Volume 4.
Chapter XXIII.

Two years had passed. A beautiful October day was dawning; no cloud dimmed the azure sky, and the sun's disk rose, glowing crimson, behind the narrow strait, that afforded ingress to the Gulf of Corinth.

The rippling waves of the placid sea, which here washed the sunny shores of Hellas, yonder the shady coasts of the Peloponnesus, glittered like fresh blooming blue-bottles.

Bare, parched rocks rise in naked beauty at the north of the bay, and the rays of the young day-star shot golden threads through the light white mists, that floated around them.

The coast of Morea faces the north; so dense shadows still rested on the stony olive-groves and the dark foliage of the pink laurel and oleander bushes, whose dense clumps followed the course of the stream and filled the ravines.

How still, how pleasant it usually was here in the early morning!

White sea-gulls hovered peacefully over the waves, a fishing-boat or galley glided gently along, making shining furrows in the blue mirror of the water; but today the waves curled under the burden of countless ships, to-day thousands of long oars lashed the sea, till the surges splashed high in the air with a wailing, clashing sound. To-day there was a loud clanking, rattling, roaring on both sides of the water-gate, which afforded admittance to the Bay of Lepanto.

The roaring and shouting reverberated in mighty echoes from the bare northern cliffs, but were subdued by the densely wooded southern shore.

Two vast bodies of furious foes confronted each other like wrestlers, who stretch their sinewy arms to grasp and hurl their opponents to the ground.

Pope Pius the Fifth had summoned Christianity to resist the land-devouring power of the Ottomans. Cyprus, Christian Cyprus, the last province Venice possessed in the Levant, had fallen into the hands of the Moslems. Spain and Venice had formed an alliance with Christ's vicegerent; Genoese, other Italians, and the Knights of St. John were assembling in Messina to aid the league.

The finest and largest Christian armada, which had left a Christian port for a long time, put forth to sea from this harbor. In spite of all intrigues, King Philip had entrusted the chief command to his young half-brother, Don Juan of Austria.

The Ottomans too had not been idle, and with twelve myriads of soldiers on three hundred ships, awaited the foe in the Gulf of Lepanto.

Don Juan made no delay. The Moslems had recently murdered thousands of Christians at Cyprus, an outrage the fiery hero could not endure, so he cast to the winds the warnings and letters of counsel from Madrid, which sought to curb his impetuous energy, his troops, especially the Venetians, were longing for vengeance.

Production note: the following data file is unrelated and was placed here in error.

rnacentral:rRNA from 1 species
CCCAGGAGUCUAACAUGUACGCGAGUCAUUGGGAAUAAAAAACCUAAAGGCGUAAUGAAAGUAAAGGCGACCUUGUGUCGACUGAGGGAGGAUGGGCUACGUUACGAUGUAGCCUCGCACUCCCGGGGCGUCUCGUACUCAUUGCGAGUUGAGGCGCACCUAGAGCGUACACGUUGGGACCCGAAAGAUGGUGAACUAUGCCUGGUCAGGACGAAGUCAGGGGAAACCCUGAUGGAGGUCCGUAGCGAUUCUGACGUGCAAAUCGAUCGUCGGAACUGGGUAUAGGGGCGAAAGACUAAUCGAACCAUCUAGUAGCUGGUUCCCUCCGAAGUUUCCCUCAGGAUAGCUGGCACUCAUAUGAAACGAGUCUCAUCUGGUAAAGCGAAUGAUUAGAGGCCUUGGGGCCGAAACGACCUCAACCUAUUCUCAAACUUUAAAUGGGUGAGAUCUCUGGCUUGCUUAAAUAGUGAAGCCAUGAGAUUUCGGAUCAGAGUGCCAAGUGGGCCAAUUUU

But the Moslems were no less eager for the fray, and at the close of his council-of-war, and contrary to its decision, Kapudan Pacha sailed to meet the enemy.

On the morning of October 7th every ship, every man was ready for battle.

The sun appeared, and from the Spanish ships musical bell-notes rose towards heaven, blending with the echoing chant: "Allahu akbar, allahu akbar, allahu akbar," and the devout words: "There is no God save Allah, and Mohammed is the prophet of Allah; to prayer!"

"To prayer!" The iron tongue of the bell uttered the summons, as well as the resonant voice of the Muezzin, who to-day did not call the worshippers to devotion from the top of a minaret, but from the masthead of a ship. On both sides of the narrow seagate, thousands of Moslems and Christians thought, hoped and believed, that the Omnipotent One heard them.

The bells and chanting died away, and a swift galley with Don Juan on board, moved from ship to ship. The young hero, holding a crucifix in his hand, shouted encouraging words to the Christian soldiers.

The blare of trumpets, roll of drums, and shouts of command echoed from the rocky shores.

The armada moved forward, the admiral's galley, with Don Juan, at its head.

The Turkish fleet advanced to meet it.

The young lion no longer asked the wise counsel of the experienced admiral. He desired nothing, thought of nothing, issued no orders, except "forward," "attack," "board," "kill," "sink," "destroy!"

The hostile fleets clashed into the fight as bulls, bellowing sullenly, rush upon each other with lowered heads and bloodshot eyes.

Who, on this day of vengeance, thought of Marco Antonio Colonna's plan of battle, or the wise counsels of Doria, Venieri, Giustiniani?

Not the clear brain and keen eye--but manly courage and strength would turn the scale to-day. Alexander Farnese, Prince of Parma, had joined his young uncle a short time before, and now commanded a squadron of Genoese ships in the front. He was to keep back till Doria ordered him to enter the battle. But Don Juan had already boarded the vessel commanded by the Turkish admiral, scaled the deck, and with a heavy sword-stroke felled Kapudan Pacha. Alexander witnessed the scene, his impetuous, heroic courage bore him on, and he too ordered: "Forward!"

What was the huge ship he was approaching? The silver crescent decked its scarlet pennon, rows of cannon poured destruction from its sides, and its lofty deck was doubly defended by bearded wearers of the turban.